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Here’s another post comparing the “time cost” of consumer products from the 1950s to the “time cost” of comparable goods today, as a follow up to the recent, popular CD post “Christmas Shopping: 1958 vs. 2012” (which was tweeted by Fareed Zakaria to his 270,000 followers and then re-tweeted 90 times).
Pictured above are a “Lady Kenmore” washer and dryer from the 1959 Sears Christmas catalog, available here from the website WishbookWeb, home of the vintage catalog archive project. The 2-speed, 10-pound Sears washer sold for $209.95 and the matching 10-pound Sears dryer sold for $169.95. At the average hourly manufacturing wage in 1959 of $2.09, the average factory worker would have had to work 100.5 hours to generate enough pre-tax income to purchase the washer above, and 81.3 hours to earn enough income to purchase the matching dryer, for a combined total of 181.8 hours of work at the average hourly wage for the two appliances.
Fast forward to 2012. The washer and dryer pictured above are available today from the Sears website. On the left is a 3.4 cubic foot Kenmore top-loading washing machine, which is on sale for $296.99 and would require a “time cost” of only 15.5 hours of work at today’s average hourly factory wage of $19.20 to purchase the washing machine. On the right is a 6 cubic foot Kenmore electric dryer selling for the same price as the washer, $296.99, which would also have a “time cost” today of 15.5 hours of work at the average hourly wage. Together, the washer and dryer combination would have a “time cost” of 31 hours of work at today’s average hourly manufacturing wage.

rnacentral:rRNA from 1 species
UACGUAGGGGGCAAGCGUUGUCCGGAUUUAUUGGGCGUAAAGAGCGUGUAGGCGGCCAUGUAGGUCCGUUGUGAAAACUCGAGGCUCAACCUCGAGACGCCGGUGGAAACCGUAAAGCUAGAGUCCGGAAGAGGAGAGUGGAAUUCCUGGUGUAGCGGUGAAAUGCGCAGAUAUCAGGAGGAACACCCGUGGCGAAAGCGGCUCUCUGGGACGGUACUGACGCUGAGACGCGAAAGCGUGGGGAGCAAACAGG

Bottom Line: The typical American consumer/factory worker in 1959 would have had to work more than a month (4.5 weeks) at the average hourly wage then to earn enough income to purchase a Sears washer-dryer combination. Today’s typical, and very fortunate consumer/worker would have to work for less than 4 days, not more than 4 weeks, to earn enough income to purchase a washer-dryer combination. Measured in the amount of time working at the average hourly wage to earn enough income to purchase a washer-dryer combination, the “time cost” of those two appliances together has fallen by 83%, from 181.8 hours in 1959 to only 31 hours today.
Stated differently, if today’s consumers paid the same “time cost” as their counterparts did in the late 1950s, they would be working 181.8 hours today at $19.20 per hour to earn enough income to purchase a Sears washer-dryer combination, and they would be paying a retail price of almost $3,500 for the two appliances today, instead of less than $600. Today’s modern household appliances are not only cheaper than ever before to purchase, they are also the most energy-efficient appliances in history, resulting in additional savings for today’s consumers through lower operating costs. For the average American, and especially for low-income Americans, the “good old days” are now, not the 1950s.
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